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Cleaning Up Runoff: Making
Manure-borne Pathogens Stay Put

Scientists conduct a rainfall-simulation test: Click here for full photo caption.
Scientists work together to
conduct a rainfall-simulation
test to measure bacteria
levels in runoff water. From
left to right are Reza Roodsari,
Ali Sadeghi, Kerry Sefton, Adel
Shirmohammadi, and Dan Shelton.

Pass by any dairy or cattle farm and the odor of manure will certainly leave an impression. But that's not all manure can leave behind. Pathogens in it can find their way into food and water supplies. Fecal bacteria—about 1 million of which are found in each gram of manure—include a range of beneficial and harmful microorganisms. Since many farmers use manure to fertilize their fields and pastures, they need an effective way to prevent harmful bacteria, like Escherichia coli O157:H7 and Salmonella, from reaching the water supply.

ARS microbiologist Daniel R. Shelton, of the Animal Waste Pathogen Laboratory (AWPL) in Beltsville, Maryland, led a study of how such organisms are spread in the environment and whether grass buffer strips can filter them out. Shelton's collaborators included fellow AWPL researcher Yakov Pachepsky; Ali Sadeghi and James Starr, from the Environmental Quality Laboratory; former ARS researcher Asad Rouhi; and University of Maryland professor Adel Shirmohammadi and doctoral student Reza Roodsari.

In 1999, Shelton and colleagues began studying how the protozoan Cryptosporidium parvum and the bacterium E. coli O157:H7 move through soil and in runoff water. Then they turned their sights on ways to slow that migration down. They planted grass strips on two 20-foot-long, 20-percent slopes of a wedge-shaped mound called a lysimeter.

"The lysimeter is the smallest observation unit in which pathogen transport occurs in the same way as it does in the real world," explains Shelton. One slope of the mound had clay loam soil and another had sandy loam. Various indigenous grasses were grown on each soil type to test their filtering effects. Bare parts of the slopes were used as controls.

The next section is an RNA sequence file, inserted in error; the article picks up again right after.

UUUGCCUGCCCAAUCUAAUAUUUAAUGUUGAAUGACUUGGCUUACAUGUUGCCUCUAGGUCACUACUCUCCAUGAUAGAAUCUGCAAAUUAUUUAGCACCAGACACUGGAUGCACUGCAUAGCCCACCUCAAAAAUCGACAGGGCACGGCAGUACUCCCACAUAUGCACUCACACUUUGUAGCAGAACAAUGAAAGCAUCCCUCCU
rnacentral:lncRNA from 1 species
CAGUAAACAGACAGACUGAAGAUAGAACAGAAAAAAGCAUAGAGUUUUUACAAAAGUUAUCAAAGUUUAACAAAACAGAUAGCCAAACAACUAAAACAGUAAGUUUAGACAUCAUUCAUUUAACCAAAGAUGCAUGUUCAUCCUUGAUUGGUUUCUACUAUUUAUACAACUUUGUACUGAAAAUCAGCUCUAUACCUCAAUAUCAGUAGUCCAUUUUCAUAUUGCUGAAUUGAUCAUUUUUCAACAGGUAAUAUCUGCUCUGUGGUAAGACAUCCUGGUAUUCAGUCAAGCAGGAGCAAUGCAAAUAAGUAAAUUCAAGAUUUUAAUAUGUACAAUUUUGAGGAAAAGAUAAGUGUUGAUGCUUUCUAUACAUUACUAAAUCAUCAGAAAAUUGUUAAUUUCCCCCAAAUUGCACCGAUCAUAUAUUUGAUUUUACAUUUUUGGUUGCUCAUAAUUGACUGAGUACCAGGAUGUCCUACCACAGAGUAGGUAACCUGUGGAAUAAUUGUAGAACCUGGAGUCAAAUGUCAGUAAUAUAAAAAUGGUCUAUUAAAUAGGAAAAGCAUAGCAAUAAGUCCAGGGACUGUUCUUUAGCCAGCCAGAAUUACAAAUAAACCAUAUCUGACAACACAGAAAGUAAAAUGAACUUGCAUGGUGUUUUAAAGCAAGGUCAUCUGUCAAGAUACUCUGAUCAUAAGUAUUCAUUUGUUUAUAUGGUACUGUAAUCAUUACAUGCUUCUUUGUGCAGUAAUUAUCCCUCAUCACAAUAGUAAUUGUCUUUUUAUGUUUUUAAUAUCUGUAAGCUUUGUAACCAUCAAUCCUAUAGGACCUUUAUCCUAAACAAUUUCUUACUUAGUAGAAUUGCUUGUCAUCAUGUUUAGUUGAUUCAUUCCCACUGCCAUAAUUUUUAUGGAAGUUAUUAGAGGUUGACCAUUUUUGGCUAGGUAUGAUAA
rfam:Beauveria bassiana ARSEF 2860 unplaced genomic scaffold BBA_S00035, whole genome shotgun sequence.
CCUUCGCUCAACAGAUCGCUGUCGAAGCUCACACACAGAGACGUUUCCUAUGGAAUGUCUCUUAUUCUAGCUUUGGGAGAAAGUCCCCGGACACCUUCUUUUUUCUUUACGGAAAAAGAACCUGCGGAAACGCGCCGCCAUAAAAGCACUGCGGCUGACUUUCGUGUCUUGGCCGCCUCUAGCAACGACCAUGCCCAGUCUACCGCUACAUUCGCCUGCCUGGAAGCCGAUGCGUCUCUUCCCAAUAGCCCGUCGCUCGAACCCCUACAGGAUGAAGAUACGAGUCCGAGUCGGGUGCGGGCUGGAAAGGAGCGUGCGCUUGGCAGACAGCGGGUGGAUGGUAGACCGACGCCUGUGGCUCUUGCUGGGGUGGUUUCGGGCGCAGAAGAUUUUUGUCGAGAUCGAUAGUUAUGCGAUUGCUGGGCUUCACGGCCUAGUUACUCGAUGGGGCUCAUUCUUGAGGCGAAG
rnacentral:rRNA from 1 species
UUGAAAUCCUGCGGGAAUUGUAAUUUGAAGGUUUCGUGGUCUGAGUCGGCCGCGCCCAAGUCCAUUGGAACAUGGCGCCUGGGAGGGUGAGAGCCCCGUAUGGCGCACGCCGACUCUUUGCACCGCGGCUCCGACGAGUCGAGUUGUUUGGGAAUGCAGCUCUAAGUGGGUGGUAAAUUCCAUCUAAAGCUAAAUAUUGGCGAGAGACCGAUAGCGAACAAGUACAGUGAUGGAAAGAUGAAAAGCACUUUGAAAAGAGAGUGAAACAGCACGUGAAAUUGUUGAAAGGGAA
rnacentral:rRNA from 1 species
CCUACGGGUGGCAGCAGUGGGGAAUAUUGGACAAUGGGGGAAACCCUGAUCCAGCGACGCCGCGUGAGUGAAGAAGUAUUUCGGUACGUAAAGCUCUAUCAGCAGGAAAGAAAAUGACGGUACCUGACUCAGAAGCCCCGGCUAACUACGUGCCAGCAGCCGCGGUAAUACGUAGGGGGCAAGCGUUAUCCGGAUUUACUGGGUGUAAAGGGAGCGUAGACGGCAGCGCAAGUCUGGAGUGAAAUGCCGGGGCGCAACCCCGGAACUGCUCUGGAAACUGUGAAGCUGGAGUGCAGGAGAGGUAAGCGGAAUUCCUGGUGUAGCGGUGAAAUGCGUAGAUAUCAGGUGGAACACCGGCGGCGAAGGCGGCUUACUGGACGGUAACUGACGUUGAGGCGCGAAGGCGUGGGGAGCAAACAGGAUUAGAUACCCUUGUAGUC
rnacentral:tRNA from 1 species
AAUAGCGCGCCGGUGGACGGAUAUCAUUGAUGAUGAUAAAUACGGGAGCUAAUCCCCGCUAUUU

Fresh manure from the Beltsville Agricultural Research Center's (BARC) dairy cows was applied along the top of the slopes. Through overhead sprinklers, designed and built by retired BARC machinist Paul Balsley, water was applied to the slopes, simulating rainfall. Runoff was sampled through tubes at various locations from the top of the hill to the bottom.

The samples were analyzed for bacteria content, and the results were surprising.

"Grass buffer strips were far more effective at filtering out manure-borne parasites than expected," says Shelton. "They stopped at least 90 percent of all rain runoff, so almost no bacteria moved down the mound. But most of the rain ran off both bare sides of the mound, carrying the bacteria with it."

Runoff from the bare clay loam slope contained virtually all the pathogens present in the manure, but runoff from vegetated clay loam slope had only 0.6 percent pathogens. Bare sandy loam soil runoff contained 25 percent of the pathogens, but vegetated sandy loam soil runoff had none.

Pathogens that remain in the soil either become food for other organisms or settle into an area between soil particles that doesn't support life, Shelton says. In either case, they'll die before they can infect food or water supplies.—By Sharon Durham, Agricultural Research Service Information Staff.

This research is part of Water Quality and Management (#201) and Manure and Byproduct Utilization (#206), two ARS National Programs described on the World Wide Web at

Daniel R. Shelton is with the USDA-ARS Animal Waste Pathogen Laboratory, 10300 Baltimore Blvd., Bldg. 173, Room 101, Beltsville, MD 20705; phone (301) 504-6582, fax (301) 504-6608.


"Cleaning Up Runoff: Making Manure-borne Pathogens Stay Put" was published in the October 2002 issue of Agricultural Research magazine.


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